5/24/13 - Complete 35-day regimen of daily IMRT
    mid-July 2013 - CT-PET scan reveals no active tumors, but shows necrotic tissue at site of original tumor
    early Sept 2013 - partial neck dissection to remove necrotic tissue. Assay shows no cancer present.
    Spring 2014 - No signs of cancer
    Spring 2015 - NED
    Spring 2016 - NED
    Spring 2017 - NED

  4. #14
    I really appreciate you relating your experience Lou, and what I might expect. I'll certainly know more after next Tuesday's appt. and we'll go from there.
    I contacted the American Cancer Society regarding any Phase 3 trials that might apply to my situation (adjuvant therapy while preserving salivary, etc.)
    but nothing came up that looked like a good fit, but at least I'm in the database there. My concern with the radiation is that the salivary glands are "in line" with the location of the Retromolar Trigone. I'm hoping there is something that can be done to address this.

    Again Lou, It's comforting to see your response to my posts. You've been there, beat it, and now you're sharing your experience. I'll post again probably after the ENT appt. on Tuesday, Dec 5th.

    God Bless my friend.

    John

  5. #15
    I don't know what difference this makes as far as treatment options, but the diagnosis of the lesion was SC Carcinoma in situ. So if I understand correctly, the cancer really isn't even at a stage?
    Again, I have an appointment Dec 5th with the ENT/Surgeon, and then over to radiation oncology to go over the treatment timetable, measurements, etc. The dental appointment is Dec 6th to ensure that
    everything's good there. Shouldn't be an issue.

    Pardon me if I start thinking out of the box here but, proceeding onward, since the SCC Retromolar Trigone lesion was "carcinoma in situ", excised with good margins (according to the ENT, still a bit of an issue with the pathologist interp), and a clean CT scan, is there ever an accepted strategy of "wait and see"? Rather than go through the Radiation Therapy right off the bat?

    No one has suggested this but I can't help but ask.

    Appreciate your thoughts & experiences.

    John

  6. #16
    Senior User IndyLou's Avatar
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    Carcinoma in-situ (CIS), is typically classified as Stage 0 cancer. I like that you're thinking out of the box, and I can see what you're thinking. Why go through RT at all--given its potential nasty side effects--if the lesion never turns, or if it takes years to turn into a cancer?

    My radiologist, a wonderful person whom I've really got to know well since first seeing him over 4 years ago, did bring up the "wait and see" option. At the time though, I was classified as stage 2/3. My doctor said, "you do nothing for six months, but this could be really ugly by then."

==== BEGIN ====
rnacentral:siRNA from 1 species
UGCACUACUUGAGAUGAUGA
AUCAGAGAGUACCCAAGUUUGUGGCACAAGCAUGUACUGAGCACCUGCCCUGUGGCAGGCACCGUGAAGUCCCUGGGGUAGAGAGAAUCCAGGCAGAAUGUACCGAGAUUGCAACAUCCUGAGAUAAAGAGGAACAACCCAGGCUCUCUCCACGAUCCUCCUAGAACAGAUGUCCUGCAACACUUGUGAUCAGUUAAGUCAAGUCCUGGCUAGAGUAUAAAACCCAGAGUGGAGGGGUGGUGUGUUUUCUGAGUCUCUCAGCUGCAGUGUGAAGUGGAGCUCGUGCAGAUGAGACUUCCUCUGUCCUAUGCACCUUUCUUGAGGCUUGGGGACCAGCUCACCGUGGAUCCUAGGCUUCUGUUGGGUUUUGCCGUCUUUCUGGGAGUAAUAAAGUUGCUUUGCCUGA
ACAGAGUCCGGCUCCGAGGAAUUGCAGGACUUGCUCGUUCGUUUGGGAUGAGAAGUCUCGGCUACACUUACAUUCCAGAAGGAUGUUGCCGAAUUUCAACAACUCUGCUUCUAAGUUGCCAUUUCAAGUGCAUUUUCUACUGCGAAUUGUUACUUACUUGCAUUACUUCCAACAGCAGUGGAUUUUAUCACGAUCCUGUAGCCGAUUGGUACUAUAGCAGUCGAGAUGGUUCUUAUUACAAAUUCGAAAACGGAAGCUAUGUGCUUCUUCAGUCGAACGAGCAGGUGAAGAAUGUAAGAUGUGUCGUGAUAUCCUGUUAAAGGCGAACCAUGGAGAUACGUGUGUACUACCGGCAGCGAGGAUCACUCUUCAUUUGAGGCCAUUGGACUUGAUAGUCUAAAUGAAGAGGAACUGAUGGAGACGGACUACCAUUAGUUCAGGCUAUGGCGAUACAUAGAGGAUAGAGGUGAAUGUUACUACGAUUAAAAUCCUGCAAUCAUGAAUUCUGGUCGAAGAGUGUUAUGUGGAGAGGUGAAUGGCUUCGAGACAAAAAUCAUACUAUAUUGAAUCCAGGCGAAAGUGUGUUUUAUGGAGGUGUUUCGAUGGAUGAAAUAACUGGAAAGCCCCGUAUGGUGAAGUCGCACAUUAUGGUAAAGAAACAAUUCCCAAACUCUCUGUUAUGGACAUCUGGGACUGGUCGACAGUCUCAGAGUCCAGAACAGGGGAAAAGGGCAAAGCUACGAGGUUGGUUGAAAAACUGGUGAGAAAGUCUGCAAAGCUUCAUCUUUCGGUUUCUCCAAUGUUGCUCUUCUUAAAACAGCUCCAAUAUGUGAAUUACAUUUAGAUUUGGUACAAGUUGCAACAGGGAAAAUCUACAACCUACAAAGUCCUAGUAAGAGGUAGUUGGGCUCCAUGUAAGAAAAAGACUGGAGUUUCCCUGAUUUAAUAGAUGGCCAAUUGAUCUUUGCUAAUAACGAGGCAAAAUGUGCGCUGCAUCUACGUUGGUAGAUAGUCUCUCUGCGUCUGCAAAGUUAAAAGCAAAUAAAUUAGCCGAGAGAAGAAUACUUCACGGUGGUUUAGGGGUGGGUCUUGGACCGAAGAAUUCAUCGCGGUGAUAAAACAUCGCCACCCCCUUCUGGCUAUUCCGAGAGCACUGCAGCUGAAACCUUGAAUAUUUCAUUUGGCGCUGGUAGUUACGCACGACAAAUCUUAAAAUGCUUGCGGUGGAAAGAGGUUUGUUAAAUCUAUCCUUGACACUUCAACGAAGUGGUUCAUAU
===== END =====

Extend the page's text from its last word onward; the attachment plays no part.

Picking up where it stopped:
RT therapy for your CIS seems excessive. But, should they administer RT now, perhaps you can receive an abridged treatment, with less radiation, and for fewer days' treatment. That might go a long way in keeping side effects to a minimum.

    On the other hand, let's say you wait, and avoid surgery and RT. You might get lucky, and this lesion may burn itself out. You would obviously monitor it with your doctor on a regular basis. If it doesn't burn out however, and grows into a Stage 1/2 cancer, surgery and/or RT might be unavoidable. There are a lot of ifs and buts, so I can only encourage you to discuss it with your doctor so you can make an informed decision.

    Good luck, and good day.
    Age 52 Male
    early Feb, 2013 - Noticed almond-sized lump in shaving area, right side of neck. No other "classic" cancer symptoms
    late Feb, 2013 - Visited PCP for check-up, PCP advised as lymphoma. Did blood work, orders for CT-scan, referred to ENT
    3/7/13 - CT-scan inconclusive, endoscopy negative
    3/9/13 - FNA of neck mass
    3/14/13 - Received dx of squamous-cell carcinoma, unknown primary
    3/25/13 - CT-PET scan reveals no other active tumors
    3/26/13 - work/up for IMRT
    4/1/13 - W1, D1 of weekly cetuximab
    4/8/13 - W1, D1 of IMRT
    5/20/13 - complete 8 week regimen of weekly cetuximab
    5/24/13 - Complete 35-day regimen of daily IMRT
    mid-July 2013 - CT-PET scan reveals no active tumors, but shows necrotic tissue at site of original tumor
    early Sept 2013 - partial neck dissection to remove necrotic tissue. Assay shows no cancer present.
    Spring 2014 - No signs of cancer
    Spring 2015 - NED
    Spring 2016 - NED
    Spring 2017 - NED

  7. #17
    Thanks Lou. Just to recap...The lesion was removed on Oct 30, 2017 and diagnosed as SCC Retromolar Trigon. After checking yesterday with the ENT to verify the diagnosis, the lesion was 1.5 x 2.0 cm, and classified as "in situ", removed with clear margins. I guess the main concern is the recurrance of the lesion in the same place and RT is being used as adjuvant therapy. The radiation oncologist has spoken of about 6 weeks (maybe a little more) of RT. The ENT explained that this is to basically "sterilize" the area, removing any other cells remaining. He also mentioned that the RT would involve the whole head/neck/upper chest area. I'm starting to feel like this is a really aggressive approach. The CT scan after surgury showed nothing and there's no other indication of any involvement.
    I reached out to the NCI for suggestions, as well as a group called Support for People with Head & Neck Cancer (new to me). I'm contacting my insurance company to see about a second opinion. Even if they won't cover it, I will.
    I'm not saying that the doctors involved here are wrong or overly anxious to do the RT, but given the circumstances, I'd like an unbiased 2nd look at things.

  8. #18
    Senior User IndyLou's Avatar
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    Based on what you've told me, I agree--the RT seems very aggressive, especially without any further reasons to need it.